$14 $12

     
  3. The major objection to an income-policy approach is that it merely freezes a given array of prices and wage rates. It does nothing to bring about coordination or to introduce coordinative institutions into the labor sector. So long as the discoordinative potential of such nonmarket institutions as unions is not tackled, the problem will recur again and again. There may be no substitute for a very painful reshaping of institutions or other means of bringing within the ambit of the pricing system wage rates made impervious to market forces.[26] The alternative is a permanent income policy: an all-around fixing of wage rates and prices, i.e., an effectively centrally controlled economy (with all its problems), although we may, as it were, "back into" this situation unintentionally. This is to say nothing about whether it is desirable politically.[27]

[bio] See her [AuthorArchive]. Comment on the blog.

This article is excerpted from A Tiger by the Tail: The Keynesian Legacy of Inflation. An MP3 audio version of this article, read by Floy Liley, is available as a free download.

Notes

[1] Cf. Axel Leijonhufvud, On Keynesian Economics and the Economics of Keynes (Oxford: Oxford University Press, 1968); Keynes and the Classics, Occasional Paper 30 (London: IEA, 1969); T.W. Hutchison, Economics and Economic Policy in Britain, 1946–66 (London: Allen and Unwin, 1968); H. Stein, The Fiscal Revolution in America (Chicago: University of Chicago Press, 1969).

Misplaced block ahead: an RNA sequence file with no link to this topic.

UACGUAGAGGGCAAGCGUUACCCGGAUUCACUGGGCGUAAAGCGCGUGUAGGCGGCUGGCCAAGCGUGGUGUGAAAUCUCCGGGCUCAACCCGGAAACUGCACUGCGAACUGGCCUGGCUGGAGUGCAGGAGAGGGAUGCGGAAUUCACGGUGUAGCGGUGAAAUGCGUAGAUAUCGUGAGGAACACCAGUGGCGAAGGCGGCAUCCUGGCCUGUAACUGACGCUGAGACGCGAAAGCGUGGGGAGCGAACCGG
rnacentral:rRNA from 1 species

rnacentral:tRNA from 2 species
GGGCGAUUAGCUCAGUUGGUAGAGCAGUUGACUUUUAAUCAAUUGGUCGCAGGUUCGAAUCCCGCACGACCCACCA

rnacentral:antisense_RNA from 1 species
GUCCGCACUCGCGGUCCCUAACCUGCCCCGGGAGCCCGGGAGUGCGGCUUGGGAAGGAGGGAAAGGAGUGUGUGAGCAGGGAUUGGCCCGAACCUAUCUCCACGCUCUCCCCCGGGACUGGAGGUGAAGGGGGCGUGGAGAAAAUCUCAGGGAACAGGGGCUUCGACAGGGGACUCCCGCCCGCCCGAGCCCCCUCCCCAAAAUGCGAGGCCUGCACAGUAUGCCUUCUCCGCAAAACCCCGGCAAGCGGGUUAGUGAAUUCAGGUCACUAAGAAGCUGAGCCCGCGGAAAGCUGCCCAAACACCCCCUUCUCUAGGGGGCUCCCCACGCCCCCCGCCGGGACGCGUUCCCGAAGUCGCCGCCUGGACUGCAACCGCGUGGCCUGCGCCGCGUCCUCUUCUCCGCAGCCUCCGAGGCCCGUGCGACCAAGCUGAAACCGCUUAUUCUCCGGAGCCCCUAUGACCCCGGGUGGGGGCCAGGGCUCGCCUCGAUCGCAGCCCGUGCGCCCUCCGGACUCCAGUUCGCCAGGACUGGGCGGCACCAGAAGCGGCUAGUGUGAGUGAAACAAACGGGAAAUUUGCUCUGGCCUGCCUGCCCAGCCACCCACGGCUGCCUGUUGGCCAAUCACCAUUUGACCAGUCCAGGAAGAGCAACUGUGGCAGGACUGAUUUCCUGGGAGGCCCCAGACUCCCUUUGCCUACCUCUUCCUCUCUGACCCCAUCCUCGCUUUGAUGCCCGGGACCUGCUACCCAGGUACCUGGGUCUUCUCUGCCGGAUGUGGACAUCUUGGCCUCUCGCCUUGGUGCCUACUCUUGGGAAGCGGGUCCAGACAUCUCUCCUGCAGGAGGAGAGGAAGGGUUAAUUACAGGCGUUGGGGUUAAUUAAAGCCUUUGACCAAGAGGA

[2] Cf. E.E. Hagen, "The Classical Theory of Output and Employment," in M.G. Mueller (ed.), Readings in Macroeconomics (New York: Holt, Rinehart and Winston, 1966); H.G. Johnson, "Monetary Theory and Keynesian Economies" in Money, Trade and Economic Growth (London: Allen & Unwin, 1962); "Introduction' in R.J. Ball and Peter Doyle (eds.), Inflation (Baltimore: Penguin Books, 1969).

[3] Professor A. Smithies, in the American Economic Review (June 1945): 367. The symposium on employment policy, American Economic Review (May 1946), is also relevant.

[4] The Congress declared it was